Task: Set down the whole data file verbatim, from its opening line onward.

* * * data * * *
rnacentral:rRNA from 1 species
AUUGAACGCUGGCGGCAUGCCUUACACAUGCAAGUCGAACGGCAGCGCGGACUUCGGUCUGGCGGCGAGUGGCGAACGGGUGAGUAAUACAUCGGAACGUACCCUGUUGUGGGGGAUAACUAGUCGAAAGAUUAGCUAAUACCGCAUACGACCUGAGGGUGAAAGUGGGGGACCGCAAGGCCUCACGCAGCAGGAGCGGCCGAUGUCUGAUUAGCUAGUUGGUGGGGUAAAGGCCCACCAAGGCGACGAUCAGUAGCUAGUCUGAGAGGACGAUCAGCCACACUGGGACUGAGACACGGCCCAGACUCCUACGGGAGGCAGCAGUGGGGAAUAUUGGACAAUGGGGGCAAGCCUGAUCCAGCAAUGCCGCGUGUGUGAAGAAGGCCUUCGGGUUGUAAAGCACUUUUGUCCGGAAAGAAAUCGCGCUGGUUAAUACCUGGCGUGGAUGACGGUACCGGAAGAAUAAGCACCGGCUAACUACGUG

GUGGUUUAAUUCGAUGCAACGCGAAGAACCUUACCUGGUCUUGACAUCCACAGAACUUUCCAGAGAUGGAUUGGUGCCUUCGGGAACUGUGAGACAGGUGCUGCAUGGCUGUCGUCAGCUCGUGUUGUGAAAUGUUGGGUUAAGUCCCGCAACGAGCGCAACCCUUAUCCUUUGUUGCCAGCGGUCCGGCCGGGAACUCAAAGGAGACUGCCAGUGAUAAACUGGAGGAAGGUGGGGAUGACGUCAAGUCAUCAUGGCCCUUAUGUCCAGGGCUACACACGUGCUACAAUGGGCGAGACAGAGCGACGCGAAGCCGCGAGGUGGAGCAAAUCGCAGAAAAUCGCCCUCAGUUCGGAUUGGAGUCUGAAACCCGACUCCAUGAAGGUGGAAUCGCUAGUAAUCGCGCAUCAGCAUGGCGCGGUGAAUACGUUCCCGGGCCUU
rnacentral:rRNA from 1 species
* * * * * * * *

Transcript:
rnacentral:rRNA from 1 species
AUUGAACGCUGGCGGCAUGCCUUACACAUGCAAGUCGAACGGCAGCGCGGACUUCGGUCUGGCGGCGAGUGGCGAACGGGUGAGUAAUACAUCGGAACGUACCCUGUUGUGGGGGAUAACUAGUCGAAAGAUUAGCUAAUACCGCAUACGACCUGAGGGUGAAAGUGGGGGACCGCAAGGCCUCACGCAGCAGGAGCGGCCGAUGUCUGAUUAGCUAGUUGGUGGGGUAAAGGCCCACCAAGGCGACGAUCAGUAGCUAGUCUGAGAGGACGAUCAGCCACACUGGGACUGAGACACGGCCCAGACUCCUACGGGAGGCAGCAGUGGGGAAUAUUGGACAAUGGGGGCAAGCCUGAUCCAGCAAUGCCGCGUGUGUGAAGAAGGCCUUCGGGUUGUAAAGCACUUUUGUCCGGAAAGAAAUCGCGCUGGUUAAUACCUGGCGUGGAUGACGGUACCGGAAGAAUAAGCACCGGCUAACUACGUG

GUGGUUUAAUUCGAUGCAACGCGAAGAACCUUACCUGGUCUUGACAUCCACAGAACUUUCCAGAGAUGGAUUGGUGCCUUCGGGAACUGUGAGACAGGUGCUGCAUGGCUGUCGUCAGCUCGUGUUGUGAAAUGUUGGGUUAAGUCCCGCAACGAGCGCAACCCUUAUCCUUUGUUGCCAGCGGUCCGGCCGGGAACUCAAAGGAGACUGCCAGUGAUAAACUGGAGGAAGGUGGGGAUGACGUCAAGUCAUCAUGGCCCUUAUGUCCAGGGCUACACACGUGCUACAAUGGGCGAGACAGAGCGACGCGAAGCCGCGAGGUGGAGCAAAUCGCAGAAAAUCGCCCUCAGUUCGGAUUGGAGUCUGAAACCCGACUCCAUGAAGGUGGAAUCGCUAGUAAUCGCGCAUCAGCAUGGCGCGGUGAAUACGUUCCCGGGCCUU
rnacentral:rRNA from 1 species